Snacks and appetizers can be your best friends or worst enemies. The key is choosing foods that satisfy without unwanted calories.
September 13, 2013
1 of 17Photo: Oxmoor House
Lighten Up, Snacks & Apps!
We love to nibble, but so many favorite snacks are loaded with excess calories and fat. Our versions transformed those foes to friends, and they're so good that it's easy to turn down the old deep-fried, fat-packed, too-creamy snacks and appetizers we craved before.
First on the menu is a potluck staple: Deviled Eggs.
To keep these portable snacks from turning on their sides when serving, use a deviled egg tray. Especially in vogue during the 1940s and ’50s, when specialized serving dishes could be found in a variety of china patterns, deviled egg plates are still quite common today.
The plump little love children of battered fresh cheese and a deep fryer, fried cheese curds are a midwinter favorite of beer-and-cheese states from Iowa to Wisconsin. This recipe, which substitutes string cheese for the curds and baking for the frying, is a lighter variation.
Order this warm, creamy, and cheesy dish in most American chain restaurants and you could be looking at nearly a day’s worth of calories! Not so here; my version has fewer than 150 per serving. Assemble the dish up to two days ahead and bake just before serving. Serve with tortilla chips, pita chips, or sliced baguette.
4 of 17Photo: Jennifer Causey Styling: Heather Chadduck Hillegas
Grilled Stuffed Jalapeños
The rich and creamy combination of bacon, cream cheese, and cheddar nicely contrasts the muted spice of the grilled jalapeños in these poppers. You’ll never guess these are lightened up! That’s why this recipe—a healthy, fresh alternative to the popular breaded and fried snack—is one of our favorite appetizers to make.
Brooklyn Piggies, a food stand in Brooklyn, NY, serves up a version of this 1950s American cocktail appetizer that’s parallel to none. Light, flaky puff pastry encases quality sausage to create one of America's favorite indulgences. At home, substitute pizza dough for the puff pastry and turkey dogs for the sausage.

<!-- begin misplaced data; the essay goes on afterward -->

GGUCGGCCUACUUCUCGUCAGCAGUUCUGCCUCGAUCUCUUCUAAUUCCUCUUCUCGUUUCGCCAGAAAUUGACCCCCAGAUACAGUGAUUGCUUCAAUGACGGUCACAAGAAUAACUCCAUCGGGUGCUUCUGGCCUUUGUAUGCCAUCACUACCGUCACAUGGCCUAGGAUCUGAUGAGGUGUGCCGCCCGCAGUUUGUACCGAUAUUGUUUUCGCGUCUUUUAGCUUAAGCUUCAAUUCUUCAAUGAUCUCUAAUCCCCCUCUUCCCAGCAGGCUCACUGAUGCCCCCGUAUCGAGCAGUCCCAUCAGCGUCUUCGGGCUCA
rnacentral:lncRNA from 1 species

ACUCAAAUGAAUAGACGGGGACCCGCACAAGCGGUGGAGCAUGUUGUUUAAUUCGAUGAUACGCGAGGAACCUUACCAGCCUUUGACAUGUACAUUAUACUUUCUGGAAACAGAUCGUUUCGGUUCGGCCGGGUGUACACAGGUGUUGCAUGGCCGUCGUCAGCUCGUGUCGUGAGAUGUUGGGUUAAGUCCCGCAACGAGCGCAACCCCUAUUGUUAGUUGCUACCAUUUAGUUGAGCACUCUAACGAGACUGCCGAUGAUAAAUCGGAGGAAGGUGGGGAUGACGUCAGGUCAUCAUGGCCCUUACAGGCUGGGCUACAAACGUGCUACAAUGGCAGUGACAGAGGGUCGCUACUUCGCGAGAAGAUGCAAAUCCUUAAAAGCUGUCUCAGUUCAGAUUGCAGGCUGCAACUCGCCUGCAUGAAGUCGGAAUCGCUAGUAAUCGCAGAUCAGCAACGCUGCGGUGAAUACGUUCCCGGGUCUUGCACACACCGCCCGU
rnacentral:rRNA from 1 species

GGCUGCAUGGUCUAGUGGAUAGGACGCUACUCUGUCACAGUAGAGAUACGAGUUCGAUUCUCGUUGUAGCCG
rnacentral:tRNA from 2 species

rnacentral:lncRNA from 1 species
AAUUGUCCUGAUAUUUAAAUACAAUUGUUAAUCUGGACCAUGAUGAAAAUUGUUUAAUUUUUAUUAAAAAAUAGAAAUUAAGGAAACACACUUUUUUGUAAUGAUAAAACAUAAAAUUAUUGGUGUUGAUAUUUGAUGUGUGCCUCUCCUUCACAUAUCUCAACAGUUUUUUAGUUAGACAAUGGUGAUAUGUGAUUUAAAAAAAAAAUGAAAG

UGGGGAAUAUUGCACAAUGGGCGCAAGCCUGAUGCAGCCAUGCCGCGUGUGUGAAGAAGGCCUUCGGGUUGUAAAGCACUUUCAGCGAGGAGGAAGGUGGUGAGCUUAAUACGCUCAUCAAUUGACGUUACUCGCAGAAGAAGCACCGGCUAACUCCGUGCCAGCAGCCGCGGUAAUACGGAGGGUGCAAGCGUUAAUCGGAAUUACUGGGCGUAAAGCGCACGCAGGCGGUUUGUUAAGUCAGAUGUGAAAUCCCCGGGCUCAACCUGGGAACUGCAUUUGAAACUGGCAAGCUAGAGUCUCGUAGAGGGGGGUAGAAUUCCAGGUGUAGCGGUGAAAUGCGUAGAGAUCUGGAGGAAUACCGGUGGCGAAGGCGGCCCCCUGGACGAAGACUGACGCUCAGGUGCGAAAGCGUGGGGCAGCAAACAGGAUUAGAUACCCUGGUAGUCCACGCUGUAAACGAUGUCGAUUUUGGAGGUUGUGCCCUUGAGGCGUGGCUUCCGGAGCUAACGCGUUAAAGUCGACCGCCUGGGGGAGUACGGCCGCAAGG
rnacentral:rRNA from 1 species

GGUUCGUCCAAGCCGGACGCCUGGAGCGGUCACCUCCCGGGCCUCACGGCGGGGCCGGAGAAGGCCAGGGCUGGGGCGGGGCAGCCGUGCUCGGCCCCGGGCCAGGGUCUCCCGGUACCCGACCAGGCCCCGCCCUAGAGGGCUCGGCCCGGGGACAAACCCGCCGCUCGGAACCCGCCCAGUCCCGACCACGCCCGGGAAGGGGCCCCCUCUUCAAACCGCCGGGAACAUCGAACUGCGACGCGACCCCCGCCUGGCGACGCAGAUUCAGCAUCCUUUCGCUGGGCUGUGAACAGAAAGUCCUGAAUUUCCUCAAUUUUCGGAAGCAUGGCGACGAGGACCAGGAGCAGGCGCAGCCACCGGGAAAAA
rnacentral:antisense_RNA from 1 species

Guacamole was concocted by the Aztecs over 400 years ago. Since then it has become an American party-food favorite and restaurant menu staple. Tortilla chips are the natural accompaniment, but you can also serve it with veggies like jicama, bell peppers, and radishes.
Cheese balls were originally the tangy result of a collection of leftover cheeses. Modern riffs have since become more selective, adding high-quality cheeses, herbs, and even dried fruits to the mix. This recipe is a lighter interpretation of the retro-chic dish.
An increase in immigration from Southeast Asia over the past 20 years has made dishes like this more popular, especially in urban centers. The ingredients for this dish can be easily purchased at your local market. Lean pork, low-sodium soy sauce, and plenty of fresh vegetables make these a great low-carb, low-calorie snack at any time of the day.
Look for sweet chili sauce on the ethnic aisle at most supermarkets, or in Asian grocery stores. Dark sesame oil and lower-sodium soy sauce deliver tremendous flavor with less sodium and saturated fat.
This dish is a happy-hour favorite. Keep it lean by baking instead of frying the shrimp. Stand them upright on the baking sheet so they brown and cook evenly—and so you don’t have to worry about turning them.